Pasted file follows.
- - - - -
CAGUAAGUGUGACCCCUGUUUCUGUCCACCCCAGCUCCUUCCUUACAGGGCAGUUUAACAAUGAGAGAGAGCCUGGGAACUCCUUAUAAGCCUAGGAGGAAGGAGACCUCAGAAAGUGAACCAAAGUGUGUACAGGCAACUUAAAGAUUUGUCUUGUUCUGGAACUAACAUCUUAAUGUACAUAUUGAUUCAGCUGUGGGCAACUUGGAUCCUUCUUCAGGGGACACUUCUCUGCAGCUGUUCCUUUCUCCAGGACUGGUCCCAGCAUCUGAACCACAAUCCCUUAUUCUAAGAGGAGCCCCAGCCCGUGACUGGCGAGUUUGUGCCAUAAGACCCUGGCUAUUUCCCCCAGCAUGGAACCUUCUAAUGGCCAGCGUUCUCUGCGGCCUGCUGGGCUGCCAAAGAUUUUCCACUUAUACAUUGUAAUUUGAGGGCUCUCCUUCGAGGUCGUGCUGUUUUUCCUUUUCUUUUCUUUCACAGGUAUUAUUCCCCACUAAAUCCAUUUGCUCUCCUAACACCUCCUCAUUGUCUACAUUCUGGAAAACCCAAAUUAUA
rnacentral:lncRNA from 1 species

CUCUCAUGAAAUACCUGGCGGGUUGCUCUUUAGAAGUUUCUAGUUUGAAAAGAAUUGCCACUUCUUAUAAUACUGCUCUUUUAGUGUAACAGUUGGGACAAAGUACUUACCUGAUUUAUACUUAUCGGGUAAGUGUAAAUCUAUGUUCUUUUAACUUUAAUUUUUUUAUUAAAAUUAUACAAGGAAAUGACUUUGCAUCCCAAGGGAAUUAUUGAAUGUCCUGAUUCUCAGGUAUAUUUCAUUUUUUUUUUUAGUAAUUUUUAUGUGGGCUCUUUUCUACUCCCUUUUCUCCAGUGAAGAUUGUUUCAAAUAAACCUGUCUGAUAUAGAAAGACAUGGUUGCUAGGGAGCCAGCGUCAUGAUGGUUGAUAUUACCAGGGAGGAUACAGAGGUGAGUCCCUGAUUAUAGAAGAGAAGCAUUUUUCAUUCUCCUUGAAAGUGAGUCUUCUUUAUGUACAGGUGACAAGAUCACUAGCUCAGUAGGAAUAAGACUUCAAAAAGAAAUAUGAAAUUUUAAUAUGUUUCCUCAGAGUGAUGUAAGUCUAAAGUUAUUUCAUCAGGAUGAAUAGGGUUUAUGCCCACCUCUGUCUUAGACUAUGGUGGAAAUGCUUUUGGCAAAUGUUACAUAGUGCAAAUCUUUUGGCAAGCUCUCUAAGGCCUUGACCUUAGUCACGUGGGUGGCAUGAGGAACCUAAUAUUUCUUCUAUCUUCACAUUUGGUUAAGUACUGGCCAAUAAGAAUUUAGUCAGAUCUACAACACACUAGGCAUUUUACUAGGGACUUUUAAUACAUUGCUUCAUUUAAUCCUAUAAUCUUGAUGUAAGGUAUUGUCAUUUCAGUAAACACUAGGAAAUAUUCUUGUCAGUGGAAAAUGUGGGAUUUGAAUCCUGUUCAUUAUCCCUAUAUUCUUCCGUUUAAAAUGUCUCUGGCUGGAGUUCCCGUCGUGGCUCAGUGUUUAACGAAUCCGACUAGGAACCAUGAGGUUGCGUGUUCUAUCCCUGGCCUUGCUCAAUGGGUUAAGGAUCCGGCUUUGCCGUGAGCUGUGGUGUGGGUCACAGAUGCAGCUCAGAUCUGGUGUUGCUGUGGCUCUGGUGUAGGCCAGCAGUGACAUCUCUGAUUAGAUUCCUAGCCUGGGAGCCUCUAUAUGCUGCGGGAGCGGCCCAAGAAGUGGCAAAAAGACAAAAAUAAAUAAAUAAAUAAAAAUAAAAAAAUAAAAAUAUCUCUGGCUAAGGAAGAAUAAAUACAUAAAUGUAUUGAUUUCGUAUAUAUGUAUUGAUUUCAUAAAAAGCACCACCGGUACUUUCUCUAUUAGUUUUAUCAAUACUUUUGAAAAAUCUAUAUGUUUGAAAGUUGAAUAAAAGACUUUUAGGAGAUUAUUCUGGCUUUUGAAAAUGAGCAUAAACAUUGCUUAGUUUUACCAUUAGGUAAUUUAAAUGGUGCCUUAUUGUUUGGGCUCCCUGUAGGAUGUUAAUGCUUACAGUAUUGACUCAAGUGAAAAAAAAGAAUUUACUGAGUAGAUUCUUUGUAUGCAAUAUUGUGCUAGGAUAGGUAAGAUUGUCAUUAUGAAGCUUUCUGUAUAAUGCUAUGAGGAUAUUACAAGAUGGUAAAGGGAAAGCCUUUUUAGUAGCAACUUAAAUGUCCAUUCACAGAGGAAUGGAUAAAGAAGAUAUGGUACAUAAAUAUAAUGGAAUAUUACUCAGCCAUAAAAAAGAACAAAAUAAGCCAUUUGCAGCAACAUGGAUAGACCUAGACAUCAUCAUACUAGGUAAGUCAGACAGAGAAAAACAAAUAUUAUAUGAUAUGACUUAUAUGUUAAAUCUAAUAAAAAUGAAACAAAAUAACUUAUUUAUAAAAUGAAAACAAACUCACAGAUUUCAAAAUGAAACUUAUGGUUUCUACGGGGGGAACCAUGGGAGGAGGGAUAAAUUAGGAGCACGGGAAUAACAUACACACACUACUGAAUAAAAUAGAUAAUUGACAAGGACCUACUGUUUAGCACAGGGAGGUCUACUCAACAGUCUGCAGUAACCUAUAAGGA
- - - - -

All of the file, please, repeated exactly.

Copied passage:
CAGUAAGUGUGACCCCUGUUUCUGUCCACCCCAGCUCCUUCCUUACAGGGCAGUUUAACAAUGAGAGAGAGCCUGGGAACUCCUUAUAAGCCUAGGAGGAAGGAGACCUCAGAAAGUGAACCAAAGUGUGUACAGGCAACUUAAAGAUUUGUCUUGUUCUGGAACUAACAUCUUAAUGUACAUAUUGAUUCAGCUGUGGGCAACUUGGAUCCUUCUUCAGGGGACACUUCUCUGCAGCUGUUCCUUUCUCCAGGACUGGUCCCAGCAUCUGAACCACAAUCCCUUAUUCUAAGAGGAGCCCCAGCCCGUGACUGGCGAGUUUGUGCCAUAAGACCCUGGCUAUUUCCCCCAGCAUGGAACCUUCUAAUGGCCAGCGUUCUCUGCGGCCUGCUGGGCUGCCAAAGAUUUUCCACUUAUACAUUGUAAUUUGAGGGCUCUCCUUCGAGGUCGUGCUGUUUUUCCUUUUCUUUUCUUUCACAGGUAUUAUUCCCCACUAAAUCCAUUUGCUCUCCUAACACCUCCUCAUUGUCUACAUUCUGGAAAACCCAAAUUAUA
rnacentral:lncRNA from 1 species

CUCUCAUGAAAUACCUGGCGGGUUGCUCUUUAGAAGUUUCUAGUUUGAAAAGAAUUGCCACUUCUUAUAAUACUGCUCUUUUAGUGUAACAGUUGGGACAAAGUACUUACCUGAUUUAUACUUAUCGGGUAAGUGUAAAUCUAUGUUCUUUUAACUUUAAUUUUUUUAUUAAAAUUAUACAAGGAAAUGACUUUGCAUCCCAAGGGAAUUAUUGAAUGUCCUGAUUCUCAGGUAUAUUUCAUUUUUUUUUUUAGUAAUUUUUAUGUGGGCUCUUUUCUACUCCCUUUUCUCCAGUGAAGAUUGUUUCAAAUAAACCUGUCUGAUAUAGAAAGACAUGGUUGCUAGGGAGCCAGCGUCAUGAUGGUUGAUAUUACCAGGGAGGAUACAGAGGUGAGUCCCUGAUUAUAGAAGAGAAGCAUUUUUCAUUCUCCUUGAAAGUGAGUCUUCUUUAUGUACAGGUGACAAGAUCACUAGCUCAGUAGGAAUAAGACUUCAAAAAGAAAUAUGAAAUUUUAAUAUGUUUCCUCAGAGUGAUGUAAGUCUAAAGUUAUUUCAUCAGGAUGAAUAGGGUUUAUGCCCACCUCUGUCUUAGACUAUGGUGGAAAUGCUUUUGGCAAAUGUUACAUAGUGCAAAUCUUUUGGCAAGCUCUCUAAGGCCUUGACCUUAGUCACGUGGGUGGCAUGAGGAACCUAAUAUUUCUUCUAUCUUCACAUUUGGUUAAGUACUGGCCAAUAAGAAUUUAGUCAGAUCUACAACACACUAGGCAUUUUACUAGGGACUUUUAAUACAUUGCUUCAUUUAAUCCUAUAAUCUUGAUGUAAGGUAUUGUCAUUUCAGUAAACACUAGGAAAUAUUCUUGUCAGUGGAAAAUGUGGGAUUUGAAUCCUGUUCAUUAUCCCUAUAUUCUUCCGUUUAAAAUGUCUCUGGCUGGAGUUCCCGUCGUGGCUCAGUGUUUAACGAAUCCGACUAGGAACCAUGAGGUUGCGUGUUCUAUCCCUGGCCUUGCUCAAUGGGUUAAGGAUCCGGCUUUGCCGUGAGCUGUGGUGUGGGUCACAGAUGCAGCUCAGAUCUGGUGUUGCUGUGGCUCUGGUGUAGGCCAGCAGUGACAUCUCUGAUUAGAUUCCUAGCCUGGGAGCCUCUAUAUGCUGCGGGAGCGGCCCAAGAAGUGGCAAAAAGACAAAAAUAAAUAAAUAAAUAAAAAUAAAAAAAUAAAAAUAUCUCUGGCUAAGGAAGAAUAAAUACAUAAAUGUAUUGAUUUCGUAUAUAUGUAUUGAUUUCAUAAAAAGCACCACCGGUACUUUCUCUAUUAGUUUUAUCAAUACUUUUGAAAAAUCUAUAUGUUUGAAAGUUGAAUAAAAGACUUUUAGGAGAUUAUUCUGGCUUUUGAAAAUGAGCAUAAACAUUGCUUAGUUUUACCAUUAGGUAAUUUAAAUGGUGCCUUAUUGUUUGGGCUCCCUGUAGGAUGUUAAUGCUUACAGUAUUGACUCAAGUGAAAAAAAAGAAUUUACUGAGUAGAUUCUUUGUAUGCAAUAUUGUGCUAGGAUAGGUAAGAUUGUCAUUAUGAAGCUUUCUGUAUAAUGCUAUGAGGAUAUUACAAGAUGGUAAAGGGAAAGCCUUUUUAGUAGCAACUUAAAUGUCCAUUCACAGAGGAAUGGAUAAAGAAGAUAUGGUACAUAAAUAUAAUGGAAUAUUACUCAGCCAUAAAAAAGAACAAAAUAAGCCAUUUGCAGCAACAUGGAUAGACCUAGACAUCAUCAUACUAGGUAAGUCAGACAGAGAAAAACAAAUAUUAUAUGAUAUGACUUAUAUGUUAAAUCUAAUAAAAAUGAAACAAAAUAACUUAUUUAUAAAAUGAAAACAAACUCACAGAUUUCAAAAUGAAACUUAUGGUUUCUACGGGGGGAACCAUGGGAGGAGGGAUAAAUUAGGAGCACGGGAAUAACAUACACACACUACUGAAUAAAAUAGAUAAUUGACAAGGACCUACUGUUUAGCACAGGGAGGUCUACUCAACAGUCUGCAGUAACCUAUAAGGA